Declan Smithies: The Phenomenal Basis of Epistemic Justification
The thesis of this paper is that phenomenal consciousness is the basis of epistemic justification. More precisely, the thesis is that epistemic differences in which propositions one has justification to believe are grounded in non-epistemic differences in the phenomenally individuated properties of one’s mental states. I call this thesis phenomenal mentalism. I begin by providing intuitive motivations for phenomenal mentalism and then proceed to sketch a more theoretical line of argument according to which phenomenal mentalism provides the best explanation of access internalism: the thesis that one has privileged epistemic access to facts about which propositions one has justification to believe. I conclude by defending phenomenal mentalism against a range of objections.
Edouard Machery: Significance Testing in Neuroimagery
Contemporary philosophers of mind often appeal to findings obtained by brain imagery techniques, but they too rarely adopt an appropriate skeptical attitude toward the methods of cognitive neuroscience. In this chapter, I examine the most common way of testing a cognitive-neuroscientific hypothesis about the function of a brain area or network: derive a statistical hypothesis from it, and test it by means of null hypothesis significance testing. In particular, I will focus on Klein’s (2010) claim that, because of the reliance of neuroimagery on null hypothesis significance testing, fMRI data cannot provide evidence for or against functional hypotheses about brain areas and networks. I argue that Klein’s criticism fails because he misunderstands the way null hypothesis significance testing works in neuroimagery.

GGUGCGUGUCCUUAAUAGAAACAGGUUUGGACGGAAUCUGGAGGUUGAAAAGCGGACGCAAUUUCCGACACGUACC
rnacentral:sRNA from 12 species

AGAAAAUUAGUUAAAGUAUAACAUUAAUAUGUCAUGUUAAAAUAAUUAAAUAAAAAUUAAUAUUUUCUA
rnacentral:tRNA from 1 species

Eric Funkhouser: A Call for Modesty: A Priori Philosophy and the Mind-Body Problem
While philosophy has conceded much ground to the sciences when it comes to investigating the natural world, many have held onto the mind-body problem as still presenting a distinctively philosophical problem. In particular, mind-body relations remain a subject for armchair speculations. The two most prominent arguments on the mind-body problem from the last two decades – Chalmers’ zombie argument and Kim’s exclusion argument – are primarily driven by a priori premises. I advocate specific objections to the a priori premises of each argument. More generally, I urge that such a priori approaches overreach the territory for which philosophy is properly suited. I conclude by suggesting a more modest role for a priori (e.g., metaphysical) reasoning
Georg Theiner: How to argue for group cognition: A guide for naturalists
A growing body of work in certain areas of cognitive science and related social sciences promises to resuscitate the “emergentist” idea that a group as a whole can have cognitive properties over and above those had by its members. For the naturalistically inclined philosopher of mind, there are good reasons to take close note of this development. First, if group processes can sometimes be profitably analyzed in terms of information-processing capacities such as memory or problem-solving typical of individual cognition, this might constitute new evidence for the multiple realizability of at least certain cognitive kinds. Second, thinking about group cognition provides a fertile test-bed for thinking about the compatibility of different levels of cognitive explanation. In this paper, I draw on two relevantly related theoretical perspectives to defend the intelligibility of group cognition against several recent objections: first, the treatment of multi-level selection in evolutionary biology; and second, the treatment of multi-level mechanistic explanations in contemporary philosophy of science.
Gualtiero Piccinini & Corey Maley: The Metaphysics of Mind and the Multiple Sources of Multiple Realizability